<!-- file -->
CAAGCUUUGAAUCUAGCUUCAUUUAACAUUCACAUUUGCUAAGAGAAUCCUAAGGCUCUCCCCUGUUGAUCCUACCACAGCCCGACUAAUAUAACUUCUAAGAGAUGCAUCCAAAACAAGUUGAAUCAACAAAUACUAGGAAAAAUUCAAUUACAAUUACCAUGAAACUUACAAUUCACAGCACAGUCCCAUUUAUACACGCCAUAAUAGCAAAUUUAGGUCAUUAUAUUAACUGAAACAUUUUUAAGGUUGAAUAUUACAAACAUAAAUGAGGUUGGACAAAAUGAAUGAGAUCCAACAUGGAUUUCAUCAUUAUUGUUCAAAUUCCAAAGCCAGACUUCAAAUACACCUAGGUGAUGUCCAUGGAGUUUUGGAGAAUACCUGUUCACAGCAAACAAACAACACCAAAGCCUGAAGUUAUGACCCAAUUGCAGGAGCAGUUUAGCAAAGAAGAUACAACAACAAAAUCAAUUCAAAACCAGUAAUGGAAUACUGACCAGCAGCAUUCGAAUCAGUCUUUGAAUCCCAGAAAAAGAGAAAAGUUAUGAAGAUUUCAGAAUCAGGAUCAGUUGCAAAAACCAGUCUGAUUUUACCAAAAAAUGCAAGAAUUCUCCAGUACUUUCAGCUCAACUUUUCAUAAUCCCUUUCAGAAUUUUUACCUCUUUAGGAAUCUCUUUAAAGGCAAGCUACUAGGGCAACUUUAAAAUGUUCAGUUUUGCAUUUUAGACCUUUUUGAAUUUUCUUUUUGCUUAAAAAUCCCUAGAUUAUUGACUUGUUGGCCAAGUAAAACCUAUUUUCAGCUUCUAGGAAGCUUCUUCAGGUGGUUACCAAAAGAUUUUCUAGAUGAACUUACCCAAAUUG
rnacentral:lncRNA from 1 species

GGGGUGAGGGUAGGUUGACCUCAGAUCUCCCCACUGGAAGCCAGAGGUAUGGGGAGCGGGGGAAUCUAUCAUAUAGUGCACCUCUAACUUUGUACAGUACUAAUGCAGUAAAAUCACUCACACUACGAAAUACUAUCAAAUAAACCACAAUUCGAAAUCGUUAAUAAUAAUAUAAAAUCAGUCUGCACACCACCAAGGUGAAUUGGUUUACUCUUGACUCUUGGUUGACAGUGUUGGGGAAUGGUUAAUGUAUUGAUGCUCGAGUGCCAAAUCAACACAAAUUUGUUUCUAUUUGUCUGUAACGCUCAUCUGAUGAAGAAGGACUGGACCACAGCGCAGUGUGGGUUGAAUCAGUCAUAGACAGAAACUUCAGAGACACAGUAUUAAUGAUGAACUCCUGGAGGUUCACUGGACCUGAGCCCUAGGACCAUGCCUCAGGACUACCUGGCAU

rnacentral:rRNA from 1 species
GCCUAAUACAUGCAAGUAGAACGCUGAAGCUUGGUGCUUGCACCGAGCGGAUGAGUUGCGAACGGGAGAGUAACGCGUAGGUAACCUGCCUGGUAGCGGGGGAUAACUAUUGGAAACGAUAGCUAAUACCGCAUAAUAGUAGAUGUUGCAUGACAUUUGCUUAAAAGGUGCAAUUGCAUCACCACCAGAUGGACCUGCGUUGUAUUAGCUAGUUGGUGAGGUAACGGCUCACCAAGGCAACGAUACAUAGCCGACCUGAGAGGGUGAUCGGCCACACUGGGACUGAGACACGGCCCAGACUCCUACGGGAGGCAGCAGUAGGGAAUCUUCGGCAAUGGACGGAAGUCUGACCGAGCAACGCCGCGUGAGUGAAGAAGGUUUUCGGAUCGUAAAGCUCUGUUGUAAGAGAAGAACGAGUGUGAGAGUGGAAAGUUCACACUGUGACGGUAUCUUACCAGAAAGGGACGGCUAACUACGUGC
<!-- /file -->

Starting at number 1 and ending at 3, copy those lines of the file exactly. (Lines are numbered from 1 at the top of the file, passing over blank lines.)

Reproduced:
CAAGCUUUGAAUCUAGCUUCAUUUAACAUUCACAUUUGCUAAGAGAAUCCUAAGGCUCUCCCCUGUUGAUCCUACCACAGCCCGACUAAUAUAACUUCUAAGAGAUGCAUCCAAAACAAGUUGAAUCAACAAAUACUAGGAAAAAUUCAAUUACAAUUACCAUGAAACUUACAAUUCACAGCACAGUCCCAUUUAUACACGCCAUAAUAGCAAAUUUAGGUCAUUAUAUUAACUGAAACAUUUUUAAGGUUGAAUAUUACAAACAUAAAUGAGGUUGGACAAAAUGAAUGAGAUCCAACAUGGAUUUCAUCAUUAUUGUUCAAAUUCCAAAGCCAGACUUCAAAUACACCUAGGUGAUGUCCAUGGAGUUUUGGAGAAUACCUGUUCACAGCAAACAAACAACACCAAAGCCUGAAGUUAUGACCCAAUUGCAGGAGCAGUUUAGCAAAGAAGAUACAACAACAAAAUCAAUUCAAAACCAGUAAUGGAAUACUGACCAGCAGCAUUCGAAUCAGUCUUUGAAUCCCAGAAAAAGAGAAAAGUUAUGAAGAUUUCAGAAUCAGGAUCAGUUGCAAAAACCAGUCUGAUUUUACCAAAAAAUGCAAGAAUUCUCCAGUACUUUCAGCUCAACUUUUCAUAAUCCCUUUCAGAAUUUUUACCUCUUUAGGAAUCUCUUUAAAGGCAAGCUACUAGGGCAACUUUAAAAUGUUCAGUUUUGCAUUUUAGACCUUUUUGAAUUUUCUUUUUGCUUAAAAAUCCCUAGAUUAUUGACUUGUUGGCCAAGUAAAACCUAUUUUCAGCUUCUAGGAAGCUUCUUCAGGUGGUUACCAAAAGAUUUUCUAGAUGAACUUACCCAAAUUG
rnacentral:lncRNA from 1 species

GGGGUGAGGGUAGGUUGACCUCAGAUCUCCCCACUGGAAGCCAGAGGUAUGGGGAGCGGGGGAAUCUAUCAUAUAGUGCACCUCUAACUUUGUACAGUACUAAUGCAGUAAAAUCACUCACACUACGAAAUACUAUCAAAUAAACCACAAUUCGAAAUCGUUAAUAAUAAUAUAAAAUCAGUCUGCACACCACCAAGGUGAAUUGGUUUACUCUUGACUCUUGGUUGACAGUGUUGGGGAAUGGUUAAUGUAUUGAUGCUCGAGUGCCAAAUCAACACAAAUUUGUUUCUAUUUGUCUGUAACGCUCAUCUGAUGAAGAAGGACUGGACCACAGCGCAGUGUGGGUUGAAUCAGUCAUAGACAGAAACUUCAGAGACACAGUAUUAAUGAUGAACUCCUGGAGGUUCACUGGACCUGAGCCCUAGGACCAUGCCUCAGGACUACCUGGCAU